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J R Soc Med. 2005 August; 98(8): 368–369.
PMCID: PMC1181841

Intussusception complicating typhoid fever

V Raveenthiran, MS MCh, P V Hayavadana Rao, MS MCh, and M Murugesan, MBBS DCH

Common surgical complications of typhoid fever are ileal perforation and gastrointestinal haemorrhage;1,2 intussusception has been little reported.


A boy of 14 was admitted after 5 days of fever, 4 days of abdominal pain, and 3 days of bilious vomiting and passage of 'red currant jelly' stools. At another hospital he had received antibiotics without improvement. On examination the abdomen was distended, with bowel sounds absent and peritonism. An intraluminal mass was felt per rectum and the clinical diagnosis was intussusception. Abdominal radiographs showed dilated bowel loops and multiple fluid levels. Ultrasonographic demonstration of intussusception was precluded by the vast amount of bowel gas. At laparotomy he was found to have an ileo-ileo-colic intussusception without pathological lead-point. Subserosal petechiae were seen all over the small bowel. The intussusception was easily reduced and the bowel was viable. Palpation of the terminal ileum revealed the Peyer's patches to be grossly enlarged. He was treated with ampicillin, gentamicin and metronidazole.

The abdominal tenderness and fever persisted post-operatively. On day 3, a Widal test was positive for both flagellar (H) and somatic (O) antigens of Salmonella typhi (1:320 dilutions); S. paratyphi agglutinins were negative. However, blood, stool and urine cultures did not grow typhoid bacilli. When the fever continued he was given intravenous ceftriaxone—to which S. typhi is usually sensitive in our region. During the subsequent 4 days, features of intestinal obstruction returned—abdominal distension, copious bilious nasogastric aspirate and multiple fluid levels on radiographs. The differential diagnosis was recurrent intussusception, perforation of the subserosal haemorrhagic spots or adhesive bowel obstruction.

A repeat laparotomy on day 7 showed 100 mL of exudative fluid in the peritoneal cavity (Escherichia coli grown on culture). The entire small bowel was inflamed and aperistaltic but no perforation, intussusception or adhesions were seen. The Peyer's patches were no longer enlarged. After peritoneal lavage, the abdomen was closed. The postoperative course was complicated by prolonged ileus necessitating total parenteral nutrition. On day 10 the Widal test was stronger, with H and O antigens of S. typhi present at 1:400; but S. paratyphi agglutinins remained negative. On day 15, because of persistent fever, the antibiotic was changed to intravenous ciprofloxacin, which was continued for 15 days. The patient lost his fever on day 16, bowel sounds returned on day 22 and he was discharged on day 29. Widal tests showed a gradual fall of agglutinin titres over the next 6 weeks; blood, stool and urine cultures remained sterile.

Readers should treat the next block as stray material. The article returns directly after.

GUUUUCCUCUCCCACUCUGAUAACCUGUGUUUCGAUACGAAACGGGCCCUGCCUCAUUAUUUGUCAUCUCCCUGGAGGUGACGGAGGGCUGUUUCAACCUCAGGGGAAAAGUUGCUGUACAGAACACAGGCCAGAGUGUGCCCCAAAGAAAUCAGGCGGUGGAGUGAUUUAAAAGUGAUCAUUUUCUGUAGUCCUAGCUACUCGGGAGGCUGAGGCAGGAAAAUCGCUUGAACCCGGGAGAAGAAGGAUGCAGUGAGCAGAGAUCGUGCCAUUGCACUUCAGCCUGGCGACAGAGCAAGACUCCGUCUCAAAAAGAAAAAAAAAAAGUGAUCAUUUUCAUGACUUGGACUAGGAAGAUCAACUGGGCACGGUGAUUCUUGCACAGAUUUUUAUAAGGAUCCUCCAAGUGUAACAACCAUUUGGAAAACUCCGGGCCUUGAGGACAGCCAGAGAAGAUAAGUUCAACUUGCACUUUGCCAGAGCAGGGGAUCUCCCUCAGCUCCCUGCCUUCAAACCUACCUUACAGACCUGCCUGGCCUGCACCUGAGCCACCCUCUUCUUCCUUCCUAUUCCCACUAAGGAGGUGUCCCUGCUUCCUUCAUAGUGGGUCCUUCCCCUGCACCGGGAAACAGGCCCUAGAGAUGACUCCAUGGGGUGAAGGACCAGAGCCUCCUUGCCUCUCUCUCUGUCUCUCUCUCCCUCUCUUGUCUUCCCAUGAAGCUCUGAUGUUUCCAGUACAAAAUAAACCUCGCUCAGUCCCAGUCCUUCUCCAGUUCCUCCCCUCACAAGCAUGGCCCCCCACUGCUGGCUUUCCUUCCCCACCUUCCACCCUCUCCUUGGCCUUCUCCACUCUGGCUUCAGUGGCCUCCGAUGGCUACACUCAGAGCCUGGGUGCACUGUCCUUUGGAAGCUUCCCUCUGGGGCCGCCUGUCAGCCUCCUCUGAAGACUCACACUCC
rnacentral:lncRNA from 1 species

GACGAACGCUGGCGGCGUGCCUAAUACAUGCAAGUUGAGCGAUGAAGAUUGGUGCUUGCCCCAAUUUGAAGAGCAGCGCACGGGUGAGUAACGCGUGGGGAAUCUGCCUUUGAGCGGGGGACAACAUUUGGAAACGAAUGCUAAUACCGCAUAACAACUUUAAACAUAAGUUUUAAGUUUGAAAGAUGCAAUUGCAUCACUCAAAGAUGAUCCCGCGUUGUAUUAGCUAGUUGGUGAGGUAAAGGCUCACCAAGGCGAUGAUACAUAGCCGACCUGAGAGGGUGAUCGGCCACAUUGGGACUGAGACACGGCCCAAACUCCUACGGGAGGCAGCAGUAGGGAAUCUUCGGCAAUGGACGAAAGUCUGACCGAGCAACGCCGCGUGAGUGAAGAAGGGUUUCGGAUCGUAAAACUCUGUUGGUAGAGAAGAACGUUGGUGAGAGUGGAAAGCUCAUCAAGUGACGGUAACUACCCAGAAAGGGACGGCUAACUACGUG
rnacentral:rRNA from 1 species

The association of typhoid fever and intussusception is intriguing. In mice3 the lipopolysaccharide found in salmonella cell walls has been reported to predispose to intussusception by altering gut motility. Matsushita et al.4 described intussusception in an adult with enterocolitis due to S. typhimurium but we have found no report of typhoid fever and intussusception in a child.

S. typhi, because of its affinity for lymphoid tissue, causes enlargement of Peyer's patches in the ileum. Still, enlargement of Peyer's patches is commonly blamed for idiopathic intussusception in infants,5 we hypothesize that such a mechanism is responsible for typhoid-induced intussusception. In our patient the coexistence of intussusception and typhoid fever made therapeutic decision-making difficult. Non-gangrenous intussusception is preferably managed by non-operative means such as hydrostatic or pneumatic reduction.5 However, the presence of fever, duration more than 24 hours, and features of peritonitis are relative contraindications for non-operative reduction (all being suggestive of bowel gang-rene).5 In such cases even diagnostic barium enema studies are contraindicated for fear of colonic perforation. In the present case, the fever and abdominal signs of typhoid were mistaken for those of gangrenous intussusception and the opportunity for non-operative reduction was lost. The negative bacteriological results were probably due to previous antibiotic therapy, and we presume that the organism was resistant to ceftriaxone. The postoperative intestinal obstruction was due to the prolonged ileus of typhoid fever. The absence of published evidence as to this possibility was the reason for the avoidable second laparotomy.


1. Kizilcan F, Tanyel FC, Buyukpamukcu N, Hicsonmez A. Complications of typhoid fever requiring laparotomy during childhood. J Pediatr Surg 1993;28: 1490-3 [PubMed]
2. Wilson SJ, Green R, Britto E, Mahmoud A. Surgical complications of typhoid fever. Trop Doct 1993;23: 133-4 [PubMed]
3. Lin Z, Cohen P, Nissan A, Allweis TM, Freund HR, Hanani M. Bacterial wall lipopolysaccharide as a cause of intussusception in mice. J Pediatr Gastroenterol Nutr 1998;27: 301-5 [PubMed]
4. Matsushita M, Suzaki T, Hajiro K. Intussusception associated with Salmonella typhimurium enterocolitis. Am J Gastroenterol 1994;89: 1246-8 [PubMed]
5. Stringer MD, Pablot SM, Brereton RJ. Paediatric intussusception. Br J Surg 1992;79: 867-76 [PubMed]

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